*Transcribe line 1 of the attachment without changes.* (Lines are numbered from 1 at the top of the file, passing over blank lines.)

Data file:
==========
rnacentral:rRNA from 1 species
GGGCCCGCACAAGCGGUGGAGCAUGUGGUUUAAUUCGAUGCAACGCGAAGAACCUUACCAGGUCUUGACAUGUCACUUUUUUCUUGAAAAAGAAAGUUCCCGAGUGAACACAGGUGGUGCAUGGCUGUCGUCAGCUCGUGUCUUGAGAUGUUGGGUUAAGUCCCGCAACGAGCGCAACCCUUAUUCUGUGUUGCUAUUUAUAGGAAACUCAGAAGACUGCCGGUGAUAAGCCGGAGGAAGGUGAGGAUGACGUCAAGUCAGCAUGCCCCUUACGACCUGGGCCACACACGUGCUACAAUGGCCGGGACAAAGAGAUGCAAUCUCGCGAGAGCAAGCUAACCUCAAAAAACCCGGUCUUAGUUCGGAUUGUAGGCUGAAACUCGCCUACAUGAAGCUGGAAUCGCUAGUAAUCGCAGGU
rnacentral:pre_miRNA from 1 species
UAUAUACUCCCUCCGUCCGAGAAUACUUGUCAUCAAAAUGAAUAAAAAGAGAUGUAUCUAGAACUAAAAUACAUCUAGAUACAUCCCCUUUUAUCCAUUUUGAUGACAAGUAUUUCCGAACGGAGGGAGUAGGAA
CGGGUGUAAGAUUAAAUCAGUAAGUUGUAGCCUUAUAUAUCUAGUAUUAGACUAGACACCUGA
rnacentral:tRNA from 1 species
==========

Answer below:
rnacentral:rRNA from 1 species